'This is a landmark victory for sexual and gender minorities in Nepal,' said the Blue Diamond Society, the nation's most prominent GLBT organization.

Meanwhile, the national government unveiled a budget Sept. 19 that provides funds to 'accord special priority to solve the core problems of Nepali people relating to sexual and gender minorities' and to pay for 'a common house for 50 people ... to live together for their socialization.'

'This is such a great news that for the first time in Nepal's history the national budget have provision for sexual and gender minorities,' openly gay lawmaker Sunil Babu Pant said in an e-mail.

'This ( is a ) very symbolic but very positive change of not just attitudes but also ( of ) helping marginalized and oppressed sexual and gender minorities towards ministering to the development and social/political change. We ( would ) like to congratulate ... Finance Minister Dr. Babu Ram Bhhatari for making the budget inclusive and historic!'

Pant, a well-known gay activist, was elected to Nepal's 601-member Constituent Assembly in May. The assembly is drafting a new constitution and also functioning as parliament during the process.

He was not elected directly, but was chosen by the Communist Party of Nepal ( United ) as one of its representatives when the party received enough votes to secure five proportional-representation seats in the assembly.

Police arrest

Ugandan activists

Ugandan police arrested two high-profile 'male-to-female transgender gay' activists Sept. 10, the International Gay and Lesbian Human Rights Commission reported Sept. 19.

Georgina Oundo and Brenda Kiiza were taken into custody at Oundo's home in the village of Nabweru near Kampala and held at the Nabweru Police Post for a week.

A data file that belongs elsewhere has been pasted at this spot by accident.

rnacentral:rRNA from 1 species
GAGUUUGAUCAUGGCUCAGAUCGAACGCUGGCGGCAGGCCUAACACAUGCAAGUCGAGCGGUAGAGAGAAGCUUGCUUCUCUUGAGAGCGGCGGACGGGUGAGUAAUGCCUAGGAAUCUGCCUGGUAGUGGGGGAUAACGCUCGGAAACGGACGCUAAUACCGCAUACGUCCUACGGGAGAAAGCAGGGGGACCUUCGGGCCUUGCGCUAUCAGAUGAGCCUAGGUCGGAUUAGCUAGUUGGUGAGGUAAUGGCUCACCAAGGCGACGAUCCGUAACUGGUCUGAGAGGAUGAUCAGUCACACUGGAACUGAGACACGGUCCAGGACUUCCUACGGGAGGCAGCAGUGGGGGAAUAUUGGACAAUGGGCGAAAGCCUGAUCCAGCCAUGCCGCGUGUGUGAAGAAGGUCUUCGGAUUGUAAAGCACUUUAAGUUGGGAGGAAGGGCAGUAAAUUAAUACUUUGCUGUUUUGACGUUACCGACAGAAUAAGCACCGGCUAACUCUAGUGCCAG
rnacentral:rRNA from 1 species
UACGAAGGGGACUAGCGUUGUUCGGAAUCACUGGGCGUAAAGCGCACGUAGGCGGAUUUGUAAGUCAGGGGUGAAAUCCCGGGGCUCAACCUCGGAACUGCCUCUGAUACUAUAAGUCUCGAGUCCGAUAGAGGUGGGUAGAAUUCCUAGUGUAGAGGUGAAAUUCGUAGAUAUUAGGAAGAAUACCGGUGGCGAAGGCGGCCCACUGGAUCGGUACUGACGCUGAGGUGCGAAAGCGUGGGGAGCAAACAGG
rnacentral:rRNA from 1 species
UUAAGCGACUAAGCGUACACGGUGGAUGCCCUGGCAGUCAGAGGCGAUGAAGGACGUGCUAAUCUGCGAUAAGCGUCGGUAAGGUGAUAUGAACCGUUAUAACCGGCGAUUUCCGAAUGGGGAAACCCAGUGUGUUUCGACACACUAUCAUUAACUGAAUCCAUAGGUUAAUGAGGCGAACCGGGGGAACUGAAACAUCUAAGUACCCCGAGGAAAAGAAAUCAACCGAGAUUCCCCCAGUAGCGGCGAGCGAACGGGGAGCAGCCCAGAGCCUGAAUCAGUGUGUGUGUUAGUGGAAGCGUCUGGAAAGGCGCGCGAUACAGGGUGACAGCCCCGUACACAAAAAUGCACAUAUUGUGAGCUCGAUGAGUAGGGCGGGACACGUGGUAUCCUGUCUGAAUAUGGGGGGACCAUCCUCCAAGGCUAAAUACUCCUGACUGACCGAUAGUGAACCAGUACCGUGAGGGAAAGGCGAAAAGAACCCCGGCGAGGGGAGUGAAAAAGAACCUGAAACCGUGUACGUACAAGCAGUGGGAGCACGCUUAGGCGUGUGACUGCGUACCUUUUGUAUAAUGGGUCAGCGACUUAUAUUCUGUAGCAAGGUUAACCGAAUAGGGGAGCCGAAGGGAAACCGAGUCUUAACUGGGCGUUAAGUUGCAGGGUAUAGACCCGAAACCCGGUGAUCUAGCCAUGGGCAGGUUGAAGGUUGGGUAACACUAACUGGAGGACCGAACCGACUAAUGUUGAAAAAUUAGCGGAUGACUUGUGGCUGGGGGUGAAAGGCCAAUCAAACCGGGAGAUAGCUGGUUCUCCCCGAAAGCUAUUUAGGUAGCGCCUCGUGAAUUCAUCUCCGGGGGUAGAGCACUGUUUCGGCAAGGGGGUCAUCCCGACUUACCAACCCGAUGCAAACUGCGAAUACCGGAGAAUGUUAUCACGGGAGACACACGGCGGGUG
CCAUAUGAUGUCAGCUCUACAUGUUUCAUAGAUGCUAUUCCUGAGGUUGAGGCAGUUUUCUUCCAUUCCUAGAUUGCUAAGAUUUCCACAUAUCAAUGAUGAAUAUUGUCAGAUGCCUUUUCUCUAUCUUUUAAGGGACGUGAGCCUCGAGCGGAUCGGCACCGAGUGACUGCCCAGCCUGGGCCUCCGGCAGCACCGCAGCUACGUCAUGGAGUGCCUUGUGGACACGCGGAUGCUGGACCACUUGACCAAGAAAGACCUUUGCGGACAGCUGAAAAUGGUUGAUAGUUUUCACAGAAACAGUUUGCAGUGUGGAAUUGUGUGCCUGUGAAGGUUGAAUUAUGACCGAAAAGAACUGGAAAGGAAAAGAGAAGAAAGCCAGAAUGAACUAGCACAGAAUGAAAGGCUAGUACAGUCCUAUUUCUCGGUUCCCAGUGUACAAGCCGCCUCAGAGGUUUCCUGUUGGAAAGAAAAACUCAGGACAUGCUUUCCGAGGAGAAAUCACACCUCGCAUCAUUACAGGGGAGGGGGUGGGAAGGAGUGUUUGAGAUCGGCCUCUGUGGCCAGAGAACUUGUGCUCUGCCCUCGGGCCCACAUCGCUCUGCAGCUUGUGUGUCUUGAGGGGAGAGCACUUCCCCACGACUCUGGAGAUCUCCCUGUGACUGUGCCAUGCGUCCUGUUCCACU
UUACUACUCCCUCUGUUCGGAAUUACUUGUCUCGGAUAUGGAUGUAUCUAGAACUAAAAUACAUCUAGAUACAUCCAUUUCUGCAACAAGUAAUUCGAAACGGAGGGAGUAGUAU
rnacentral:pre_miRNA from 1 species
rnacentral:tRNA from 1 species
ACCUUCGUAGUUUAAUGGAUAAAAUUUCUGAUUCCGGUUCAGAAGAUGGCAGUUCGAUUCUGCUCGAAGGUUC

They were beaten, kicked, denied food and urged to reveal names and addresses of other gay activists, IGLHRC said. Police also copied the activists' cell-phone address books, according to Human Rights Watch.

Oundo and Kiiza were accused of spreading homosexuality, although no such crime exists, IGLHRC said. Gay sex is illegal under threat of up to life in prison.

Police said their investigation remains open and they will seek additional evidence to bring the activists before a court.

In the past five years, nearly a dozen people have been arrested on charges related to homosexuality in Uganda.

—Assistance: Bill Kelley

Larry King quizzes

Ahmadinejad on

gays in Iran

U.S. TV interviewer Larry King quizzed Iranian President Mahmoud Ahmadinejad on his nation's treatment of gays Sept. 23.

There have been persistent, though unconfirmed, reports for years that Iran hangs men for the crime of engaging in gay sex.

King said: 'People ( are ) protesting that they don't have the same rights as other people. Homosexuals—you said last year, you denied there were homosexuals ( in Iran ) . There's homosexuals everywhere.'